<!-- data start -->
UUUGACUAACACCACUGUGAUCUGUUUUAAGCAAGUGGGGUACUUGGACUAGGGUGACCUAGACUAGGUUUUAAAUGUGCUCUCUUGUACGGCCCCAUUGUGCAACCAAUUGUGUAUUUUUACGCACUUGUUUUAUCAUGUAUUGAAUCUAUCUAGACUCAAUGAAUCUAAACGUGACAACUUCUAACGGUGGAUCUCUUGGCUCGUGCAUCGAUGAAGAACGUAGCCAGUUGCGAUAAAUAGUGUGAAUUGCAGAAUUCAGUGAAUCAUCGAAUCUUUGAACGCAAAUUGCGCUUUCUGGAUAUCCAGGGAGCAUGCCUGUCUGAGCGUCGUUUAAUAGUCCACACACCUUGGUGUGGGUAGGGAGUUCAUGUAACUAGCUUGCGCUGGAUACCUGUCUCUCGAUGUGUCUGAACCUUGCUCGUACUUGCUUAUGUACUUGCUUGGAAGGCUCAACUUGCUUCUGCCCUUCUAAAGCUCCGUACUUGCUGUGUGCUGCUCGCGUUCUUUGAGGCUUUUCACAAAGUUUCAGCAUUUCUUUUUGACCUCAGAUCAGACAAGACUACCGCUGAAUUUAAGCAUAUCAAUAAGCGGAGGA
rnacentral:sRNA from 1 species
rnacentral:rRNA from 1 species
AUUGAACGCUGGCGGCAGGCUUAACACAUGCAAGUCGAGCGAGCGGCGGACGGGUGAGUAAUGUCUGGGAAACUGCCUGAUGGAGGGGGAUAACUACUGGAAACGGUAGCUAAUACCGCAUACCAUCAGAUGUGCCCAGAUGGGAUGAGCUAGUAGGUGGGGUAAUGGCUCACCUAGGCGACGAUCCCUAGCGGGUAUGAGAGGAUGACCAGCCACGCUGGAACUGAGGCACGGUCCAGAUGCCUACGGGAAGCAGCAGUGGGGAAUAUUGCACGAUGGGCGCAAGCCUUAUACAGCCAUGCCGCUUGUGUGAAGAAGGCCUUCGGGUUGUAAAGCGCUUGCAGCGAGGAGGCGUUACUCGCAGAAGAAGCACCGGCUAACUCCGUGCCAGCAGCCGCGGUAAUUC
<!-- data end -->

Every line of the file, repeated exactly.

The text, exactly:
UUUGACUAACACCACUGUGAUCUGUUUUAAGCAAGUGGGGUACUUGGACUAGGGUGACCUAGACUAGGUUUUAAAUGUGCUCUCUUGUACGGCCCCAUUGUGCAACCAAUUGUGUAUUUUUACGCACUUGUUUUAUCAUGUAUUGAAUCUAUCUAGACUCAAUGAAUCUAAACGUGACAACUUCUAACGGUGGAUCUCUUGGCUCGUGCAUCGAUGAAGAACGUAGCCAGUUGCGAUAAAUAGUGUGAAUUGCAGAAUUCAGUGAAUCAUCGAAUCUUUGAACGCAAAUUGCGCUUUCUGGAUAUCCAGGGAGCAUGCCUGUCUGAGCGUCGUUUAAUAGUCCACACACCUUGGUGUGGGUAGGGAGUUCAUGUAACUAGCUUGCGCUGGAUACCUGUCUCUCGAUGUGUCUGAACCUUGCUCGUACUUGCUUAUGUACUUGCUUGGAAGGCUCAACUUGCUUCUGCCCUUCUAAAGCUCCGUACUUGCUGUGUGCUGCUCGCGUUCUUUGAGGCUUUUCACAAAGUUUCAGCAUUUCUUUUUGACCUCAGAUCAGACAAGACUACCGCUGAAUUUAAGCAUAUCAAUAAGCGGAGGA
rnacentral:sRNA from 1 species
rnacentral:rRNA from 1 species
AUUGAACGCUGGCGGCAGGCUUAACACAUGCAAGUCGAGCGAGCGGCGGACGGGUGAGUAAUGUCUGGGAAACUGCCUGAUGGAGGGGGAUAACUACUGGAAACGGUAGCUAAUACCGCAUACCAUCAGAUGUGCCCAGAUGGGAUGAGCUAGUAGGUGGGGUAAUGGCUCACCUAGGCGACGAUCCCUAGCGGGUAUGAGAGGAUGACCAGCCACGCUGGAACUGAGGCACGGUCCAGAUGCCUACGGGAAGCAGCAGUGGGGAAUAUUGCACGAUGGGCGCAAGCCUUAUACAGCCAUGCCGCUUGUGUGAAGAAGGCCUUCGGGUUGUAAAGCGCUUGCAGCGAGGAGGCGUUACUCGCAGAAGAAGCACCGGCUAACUCCGUGCCAGCAGCCGCGGUAAUUC